Let’s refer back to the sentence we looked at last week:
Tirelessly toiling on his project, as he believes that hard work ultimately pays off.
In addition, the line “as he believes that hard work ultimately pays off” is also a fragment because it begins with the subordinate conjunction “as”.
Subordinate conjunctions are words like as, although, even though, because, since, though, and whereas. If a clause begins with words such as these, it then becomes a subsidiary clause that functions to simply explain a main clause, but is unable to independently stand on its own. It also results in the clause ending on an abrupt and incomplete note.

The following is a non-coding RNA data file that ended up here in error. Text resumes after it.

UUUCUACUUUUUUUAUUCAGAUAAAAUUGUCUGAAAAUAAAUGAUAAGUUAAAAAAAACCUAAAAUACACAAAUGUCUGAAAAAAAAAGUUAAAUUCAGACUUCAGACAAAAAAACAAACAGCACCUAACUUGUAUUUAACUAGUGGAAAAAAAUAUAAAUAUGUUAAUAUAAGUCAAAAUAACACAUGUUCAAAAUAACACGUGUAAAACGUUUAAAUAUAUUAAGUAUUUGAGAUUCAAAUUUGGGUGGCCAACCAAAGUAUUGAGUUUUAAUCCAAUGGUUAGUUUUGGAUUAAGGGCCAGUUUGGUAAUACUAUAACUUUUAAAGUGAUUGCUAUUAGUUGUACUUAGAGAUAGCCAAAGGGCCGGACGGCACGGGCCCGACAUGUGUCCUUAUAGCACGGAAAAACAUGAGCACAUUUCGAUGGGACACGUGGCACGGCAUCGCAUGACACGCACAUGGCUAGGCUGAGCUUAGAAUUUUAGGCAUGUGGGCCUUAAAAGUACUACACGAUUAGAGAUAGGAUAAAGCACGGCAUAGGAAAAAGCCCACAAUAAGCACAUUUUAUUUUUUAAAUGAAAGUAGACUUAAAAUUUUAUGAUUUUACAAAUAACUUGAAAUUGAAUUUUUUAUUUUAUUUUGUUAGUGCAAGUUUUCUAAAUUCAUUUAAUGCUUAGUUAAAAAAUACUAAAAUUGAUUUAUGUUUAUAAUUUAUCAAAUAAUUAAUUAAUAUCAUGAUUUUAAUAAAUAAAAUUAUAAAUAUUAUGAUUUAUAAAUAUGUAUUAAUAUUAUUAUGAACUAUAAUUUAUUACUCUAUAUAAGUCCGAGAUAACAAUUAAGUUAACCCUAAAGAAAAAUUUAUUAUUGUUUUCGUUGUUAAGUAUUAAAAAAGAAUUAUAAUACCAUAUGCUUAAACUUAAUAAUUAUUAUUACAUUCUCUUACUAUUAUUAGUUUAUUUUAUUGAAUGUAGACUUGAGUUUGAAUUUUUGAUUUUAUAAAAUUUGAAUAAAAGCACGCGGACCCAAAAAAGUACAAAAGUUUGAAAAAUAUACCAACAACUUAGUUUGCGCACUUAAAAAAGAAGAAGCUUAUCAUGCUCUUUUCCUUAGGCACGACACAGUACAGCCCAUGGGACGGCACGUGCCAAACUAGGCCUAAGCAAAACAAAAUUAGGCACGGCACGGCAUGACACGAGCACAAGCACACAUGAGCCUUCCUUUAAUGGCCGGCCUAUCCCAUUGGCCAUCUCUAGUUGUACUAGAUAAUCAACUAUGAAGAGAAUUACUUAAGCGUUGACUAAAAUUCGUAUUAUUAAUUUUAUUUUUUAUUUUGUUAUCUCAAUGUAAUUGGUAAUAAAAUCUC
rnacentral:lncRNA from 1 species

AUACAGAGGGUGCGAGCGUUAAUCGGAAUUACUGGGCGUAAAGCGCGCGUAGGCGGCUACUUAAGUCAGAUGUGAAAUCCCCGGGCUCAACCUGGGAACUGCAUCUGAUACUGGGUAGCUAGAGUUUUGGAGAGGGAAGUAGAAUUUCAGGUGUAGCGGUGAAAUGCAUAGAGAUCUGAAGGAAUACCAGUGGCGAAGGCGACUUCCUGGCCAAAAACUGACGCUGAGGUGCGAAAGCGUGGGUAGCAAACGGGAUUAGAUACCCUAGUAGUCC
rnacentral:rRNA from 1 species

Incorrect: As he believes that hard work ultimately pays off.
Correct: He believes that hard work ultimately pays off.
Rather than adding a main clause to complete the fragment, the above incorrect example could also stand on its own as a proper sentence if “as” were to be removed instead, as shown in the example above.
It is useful to note that the sheer length of words is not what determines what makes a sentence, but the presence of a subject and a verb, and a complete thought being formed as a result.